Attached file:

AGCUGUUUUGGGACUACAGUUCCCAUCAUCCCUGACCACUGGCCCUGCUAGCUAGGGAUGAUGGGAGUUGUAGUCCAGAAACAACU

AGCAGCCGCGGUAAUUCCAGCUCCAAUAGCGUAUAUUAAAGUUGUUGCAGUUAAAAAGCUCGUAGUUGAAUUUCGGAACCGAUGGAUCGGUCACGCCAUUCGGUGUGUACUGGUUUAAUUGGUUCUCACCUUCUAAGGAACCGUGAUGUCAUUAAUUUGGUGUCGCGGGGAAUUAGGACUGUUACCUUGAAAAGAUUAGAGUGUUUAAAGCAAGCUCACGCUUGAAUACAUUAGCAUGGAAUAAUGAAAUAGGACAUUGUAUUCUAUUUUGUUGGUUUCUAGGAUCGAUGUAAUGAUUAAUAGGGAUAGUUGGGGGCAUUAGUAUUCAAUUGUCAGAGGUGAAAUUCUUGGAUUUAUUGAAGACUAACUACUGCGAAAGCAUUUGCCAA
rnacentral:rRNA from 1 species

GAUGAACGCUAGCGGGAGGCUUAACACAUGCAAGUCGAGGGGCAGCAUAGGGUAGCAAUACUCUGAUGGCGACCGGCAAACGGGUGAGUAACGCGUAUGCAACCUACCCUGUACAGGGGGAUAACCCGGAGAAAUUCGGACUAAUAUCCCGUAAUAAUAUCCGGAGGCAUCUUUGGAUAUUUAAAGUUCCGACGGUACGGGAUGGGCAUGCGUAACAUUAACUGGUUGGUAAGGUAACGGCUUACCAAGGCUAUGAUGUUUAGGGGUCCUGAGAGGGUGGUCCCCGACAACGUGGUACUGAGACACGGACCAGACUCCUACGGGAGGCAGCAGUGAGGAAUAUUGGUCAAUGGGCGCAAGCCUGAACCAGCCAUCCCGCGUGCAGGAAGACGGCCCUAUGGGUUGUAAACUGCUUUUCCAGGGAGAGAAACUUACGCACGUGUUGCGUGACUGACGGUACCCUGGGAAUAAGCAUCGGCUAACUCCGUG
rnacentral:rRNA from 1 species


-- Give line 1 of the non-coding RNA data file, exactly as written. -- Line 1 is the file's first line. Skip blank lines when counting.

AGCUGUUUUGGGACUACAGUUCCCAUCAUCCCUGACCACUGGCCCUGCUAGCUAGGGAUGAUGGGAGUUGUAGUCCAGAAACAACU